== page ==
My first thought was, no wonder the kids aren’t doing well in school. If so many adults are that easily swayed by lies to rage against their own self-interest and fight the health care bill. I won’t go into the benefits of the bill or what the people were saying. That’s for another post. It’s just an example of what’s going on in the world now that the political right does not have its own role model in the White House any more.

I knew that we couldn’t just sit around and say we won so we don’t need to do anything else. But I also ran head-long into my lack of self-esteem. (I may be beating this idea to death and you may think that since I know it, I should just get own with getting over it, but for 49 years I’ve allowed the idea to ultimately silence me and I have to name it in public over and over and over to make it lose its power over me.) I didn’t think anyone would care what I thought. So I sat in my house, in front of the computer, and fretted over the lack of action on the part of my former allies.

I was also looking for a career that I really want to spend time creating. I’m doing it by fighting against that little voice that lives in the pit of my stomach that tells me I haven’t succeeded at life yet, so I don’t have a chance in doing it now either.

So at this point, I attended the monthly DFA-QC meeting. Back in a circle of friends. Back with a group that sees the world the same way I do. Back with activists.

The conversation was about the impending Health Care bill vote coming up that weekend in the House of Representatives. We were even sharing meeting space with Organizing for America—formerly Obama for America—members who were making phone calls to encourage people to let their reps know they want it passed.

We also discussed the upcoming mid-term elections. We talked about the economy and how unfettered capitalism doesn’t work for most people. We talked about the fact that we have not withdrawn our troops from Iraq nor found Osama bin Laden in Afghanistan.

Then we talked about the fact that many of us were sitting around silently waiting for the fixes that the economy and people need to happen just because people promised it would. And decided we need to get moving. We need to speak up. We need to support candidates that want the same things we do. We can’t let the other side dominate the airwaves and blogosphere with attacks and threats against the people who we elected to protect us.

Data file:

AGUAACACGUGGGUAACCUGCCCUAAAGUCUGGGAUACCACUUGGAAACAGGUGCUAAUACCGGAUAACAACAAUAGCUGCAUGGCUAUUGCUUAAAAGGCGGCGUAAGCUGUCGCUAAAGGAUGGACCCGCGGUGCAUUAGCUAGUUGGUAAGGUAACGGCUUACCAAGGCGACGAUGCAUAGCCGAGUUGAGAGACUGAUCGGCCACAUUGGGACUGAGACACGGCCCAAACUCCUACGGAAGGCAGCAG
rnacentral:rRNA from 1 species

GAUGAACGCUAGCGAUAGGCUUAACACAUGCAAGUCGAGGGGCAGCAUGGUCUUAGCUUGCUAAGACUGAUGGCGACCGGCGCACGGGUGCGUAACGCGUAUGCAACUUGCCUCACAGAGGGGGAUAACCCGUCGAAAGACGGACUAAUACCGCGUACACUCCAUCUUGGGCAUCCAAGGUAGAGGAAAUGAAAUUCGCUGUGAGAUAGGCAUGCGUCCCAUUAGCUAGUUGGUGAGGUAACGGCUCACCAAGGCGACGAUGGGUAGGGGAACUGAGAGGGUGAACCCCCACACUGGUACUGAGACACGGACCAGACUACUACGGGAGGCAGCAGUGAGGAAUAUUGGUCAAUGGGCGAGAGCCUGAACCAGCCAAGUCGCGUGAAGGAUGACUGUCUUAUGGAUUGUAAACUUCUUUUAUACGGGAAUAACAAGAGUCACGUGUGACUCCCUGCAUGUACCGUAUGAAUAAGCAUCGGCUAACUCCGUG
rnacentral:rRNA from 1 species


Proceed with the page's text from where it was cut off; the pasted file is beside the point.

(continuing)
One of the members at the meeting, who is just a couple of years older than me, said he remembers when the government didn’t tax people just to pay the bills of a big government. Taxes were higher than they are now at the upper end, but that the deductions and credits people got were for doing good for the community—not just for accumulating wealth.

If people or corporations gave money to build hospitals, put new equipment in classrooms, staff homeless shelters, or provide meals they were able to reduce their taxes. If they didn’t do that, then they had to pay the full tax bill so the government could do it for them. Then in the 80s the idea of allowing people to just have more money so they could spend it and stimulate the economy which would stimulate the labor market and encourage people to be generous without incentives—Reagan’s infamous trickle-down economics—embedded itself in the American psyche and the tax code lead the way.

And at this point I decided that I need to write about these things. I need to stop being silent. I need to be the change I want to see in the world.

Then I met a man who is a writer also. We met through MeetUp.com. MeetUp matched as people who were both looking for a group of writers to meet with. I sent him a message and we met. We don’t hold out a lot of hope for forming a group, but I believe I made a new friend and already he’s checked up on me to see if I got off my duff and did the work I said I would do this week.

It’s amazing what having someone ask me if I did it does for my motivation! I have something to say and people need to hear it. And now I have my “kick in the pants” to get me to do it.

Thanks Jim! I really feel good about the time I spent working this week. And since I know you’re looking over my virtual shoulder to check on me, I will make it a habit! I even wrote about 15% more than my goal—of course that’s not the hard part. The hard part is getting started, and then stopping again.